Because this is my last post here at Mike’s Biznology blog for 2010, I am going to do something that I never ever do—make some predictions for upcoming year. I don’t usually do this because I am not a fortune teller and I haven’t stayed in a Holiday Inn Express in at least the past five years. This year, though, I think it is pretty safe to declare something that is both exciting and hits close to where I like to play in the Internet space. Here goes. Are you ready? (I’m stalling here because I really hate doing this.) I am declaring 2011 the Year of the Online SMB. Read the remainder of this entry »
Archive for December, 2010
Some books deserve to be read and re-read. Every few years, I crack open Terms of Engagement by Dick Axelrod, to remind me of how to really bring about organizational change. So, I was heartened when I was contacted to receive a copy of the new improved Second Edition published earlier this year. Internet marketers are constantly talking about engagement, but they often overlook the engagement of their own employees when bringing about the big changes needed to implement social media in their organization. If you are charged with changing your organization for social media (or anything else) you owe it to yourself to not just read this book, but to study it.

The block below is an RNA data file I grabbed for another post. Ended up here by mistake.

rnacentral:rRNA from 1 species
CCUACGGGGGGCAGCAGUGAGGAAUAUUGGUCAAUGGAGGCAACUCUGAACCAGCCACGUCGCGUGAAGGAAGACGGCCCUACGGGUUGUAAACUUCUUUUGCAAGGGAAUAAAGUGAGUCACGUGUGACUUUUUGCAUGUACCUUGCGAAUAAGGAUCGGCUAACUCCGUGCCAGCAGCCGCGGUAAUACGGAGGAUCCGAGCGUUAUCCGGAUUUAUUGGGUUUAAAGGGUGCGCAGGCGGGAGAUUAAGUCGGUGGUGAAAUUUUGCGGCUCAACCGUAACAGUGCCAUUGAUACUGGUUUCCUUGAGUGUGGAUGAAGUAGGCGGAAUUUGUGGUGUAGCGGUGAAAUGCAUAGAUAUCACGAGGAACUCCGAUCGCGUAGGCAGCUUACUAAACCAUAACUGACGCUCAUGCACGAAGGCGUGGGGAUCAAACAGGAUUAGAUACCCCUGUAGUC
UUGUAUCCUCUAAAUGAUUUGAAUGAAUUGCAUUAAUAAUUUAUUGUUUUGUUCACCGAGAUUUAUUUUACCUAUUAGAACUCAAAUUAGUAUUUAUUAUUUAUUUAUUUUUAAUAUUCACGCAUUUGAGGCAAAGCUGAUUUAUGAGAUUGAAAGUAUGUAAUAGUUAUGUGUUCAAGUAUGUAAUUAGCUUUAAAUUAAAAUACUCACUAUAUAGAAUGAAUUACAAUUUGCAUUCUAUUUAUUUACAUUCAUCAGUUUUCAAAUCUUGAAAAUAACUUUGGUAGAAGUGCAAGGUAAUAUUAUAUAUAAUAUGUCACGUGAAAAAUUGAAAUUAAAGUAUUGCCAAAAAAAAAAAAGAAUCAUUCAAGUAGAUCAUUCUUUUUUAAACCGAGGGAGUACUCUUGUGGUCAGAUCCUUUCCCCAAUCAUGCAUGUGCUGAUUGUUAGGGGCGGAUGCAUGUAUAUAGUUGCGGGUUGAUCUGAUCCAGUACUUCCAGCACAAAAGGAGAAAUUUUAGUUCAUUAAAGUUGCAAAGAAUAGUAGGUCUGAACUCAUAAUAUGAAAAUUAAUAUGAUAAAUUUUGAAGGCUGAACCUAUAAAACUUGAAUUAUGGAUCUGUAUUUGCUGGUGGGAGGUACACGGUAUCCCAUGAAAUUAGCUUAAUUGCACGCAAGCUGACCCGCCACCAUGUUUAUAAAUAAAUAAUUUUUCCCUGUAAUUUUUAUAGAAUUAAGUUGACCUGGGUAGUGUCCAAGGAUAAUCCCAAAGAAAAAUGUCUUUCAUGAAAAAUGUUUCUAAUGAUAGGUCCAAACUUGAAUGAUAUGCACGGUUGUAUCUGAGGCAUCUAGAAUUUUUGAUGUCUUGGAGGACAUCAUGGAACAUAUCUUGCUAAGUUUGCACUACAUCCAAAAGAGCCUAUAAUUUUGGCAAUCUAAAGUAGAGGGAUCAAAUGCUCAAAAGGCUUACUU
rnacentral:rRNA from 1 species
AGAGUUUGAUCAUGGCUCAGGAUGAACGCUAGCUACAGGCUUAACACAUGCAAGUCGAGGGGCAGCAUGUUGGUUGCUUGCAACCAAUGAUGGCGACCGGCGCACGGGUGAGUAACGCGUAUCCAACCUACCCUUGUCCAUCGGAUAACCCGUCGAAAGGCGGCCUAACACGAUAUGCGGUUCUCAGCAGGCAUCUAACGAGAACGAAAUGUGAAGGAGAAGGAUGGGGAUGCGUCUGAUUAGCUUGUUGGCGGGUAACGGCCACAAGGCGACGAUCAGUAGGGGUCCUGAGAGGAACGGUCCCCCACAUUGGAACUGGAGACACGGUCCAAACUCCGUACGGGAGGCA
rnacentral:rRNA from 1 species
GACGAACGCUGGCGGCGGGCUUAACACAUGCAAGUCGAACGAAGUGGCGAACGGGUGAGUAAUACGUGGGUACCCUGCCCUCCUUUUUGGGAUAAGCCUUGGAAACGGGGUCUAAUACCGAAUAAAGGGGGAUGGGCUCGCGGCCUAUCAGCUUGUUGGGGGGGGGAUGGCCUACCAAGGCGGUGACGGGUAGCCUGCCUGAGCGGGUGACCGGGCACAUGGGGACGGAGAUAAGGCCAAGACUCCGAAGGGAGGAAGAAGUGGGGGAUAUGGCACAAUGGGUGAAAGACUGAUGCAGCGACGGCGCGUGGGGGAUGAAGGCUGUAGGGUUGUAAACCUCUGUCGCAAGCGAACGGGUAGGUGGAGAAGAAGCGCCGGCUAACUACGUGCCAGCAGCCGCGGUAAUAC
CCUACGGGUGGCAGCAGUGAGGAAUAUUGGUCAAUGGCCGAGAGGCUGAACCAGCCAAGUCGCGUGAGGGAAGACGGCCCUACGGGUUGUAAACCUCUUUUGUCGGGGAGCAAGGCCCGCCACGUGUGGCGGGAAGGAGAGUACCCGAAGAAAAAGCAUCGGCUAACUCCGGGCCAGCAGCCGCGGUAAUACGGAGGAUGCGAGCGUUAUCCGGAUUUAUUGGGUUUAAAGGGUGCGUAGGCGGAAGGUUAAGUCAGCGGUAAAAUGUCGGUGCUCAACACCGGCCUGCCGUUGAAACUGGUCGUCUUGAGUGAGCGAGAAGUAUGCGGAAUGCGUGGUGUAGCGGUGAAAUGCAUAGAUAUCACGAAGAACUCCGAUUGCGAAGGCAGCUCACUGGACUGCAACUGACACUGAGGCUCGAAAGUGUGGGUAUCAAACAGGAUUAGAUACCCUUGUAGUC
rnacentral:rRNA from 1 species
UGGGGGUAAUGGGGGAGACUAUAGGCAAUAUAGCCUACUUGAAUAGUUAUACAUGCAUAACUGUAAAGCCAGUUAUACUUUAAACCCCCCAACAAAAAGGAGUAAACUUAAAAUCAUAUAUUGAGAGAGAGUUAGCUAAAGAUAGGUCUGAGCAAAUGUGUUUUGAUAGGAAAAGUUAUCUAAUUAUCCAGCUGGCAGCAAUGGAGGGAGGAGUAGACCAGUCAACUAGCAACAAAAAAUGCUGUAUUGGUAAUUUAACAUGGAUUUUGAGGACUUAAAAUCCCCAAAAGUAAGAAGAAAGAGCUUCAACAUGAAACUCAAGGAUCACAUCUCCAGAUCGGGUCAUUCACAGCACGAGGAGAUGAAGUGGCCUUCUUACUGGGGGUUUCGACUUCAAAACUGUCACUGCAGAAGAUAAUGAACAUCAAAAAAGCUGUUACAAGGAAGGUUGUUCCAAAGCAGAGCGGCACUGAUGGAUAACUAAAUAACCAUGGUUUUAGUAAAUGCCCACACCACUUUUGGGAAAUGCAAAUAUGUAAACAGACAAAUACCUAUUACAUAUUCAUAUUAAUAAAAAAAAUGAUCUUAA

Image by Julia Roy via Flickr
Marketing has a (dated) reputation for being all about flash without any substance. Internet marketing, as a descendant of direct marketing, has let some of the air out of that bloated balloon, but I still occasionally run into pockets of old-speak, where marketing is magical, but actual sales are some kind of dirty business left to others. If you are running into a throwback CMO who doesn’t understand the realities of the digital era, check out my latest post on Search Engine Guide, “My CMO doesn’t think search marketing is ‘sexy.’”
Image by PhotoJonny via Flickr
by Tim Peter
How much of your traffic comes from search engines? How much from Google? If you’re like most businesses, you probably get a fair bit of your traffic from the Big G. But, what if it all went away? What if you walked in tomorrow and all your search traffic dried up? Can’t imagine it? Well, Google changes its search algorithm hundreds of times each year, on average more than once a day. And, they’re facing increasing regulatory challenges overseas and here in the US. If their next algorithm update—or a future regulatory-mandated change—knocked you out of their index, would your business survive? Here are a few handy tips to help you cope in such a scenario—and help you grow your business whether Google continues sending you lots of traffic or not.
Image by Seven Morris via Flickr
I did a short (under 45-minute) Webinar last week for Enquiro (now part of Mediative), on a subject that I am often asked about, “How do you get C-level execs to invest in search marketing?” The Webinar, ably hosted by Bill Barnes, VP of Business Development at Mediative, allowed me to pass along five of my favorite tips. The other five tips were provided by Jennifer Lemming, Director of Marketing at DS Waters, a veteran of Coca-Cola and 3M. If you’re unsure of how to convince top management of the value of search marketing, check out “10 Tips for Selling Search to the C-Suite.”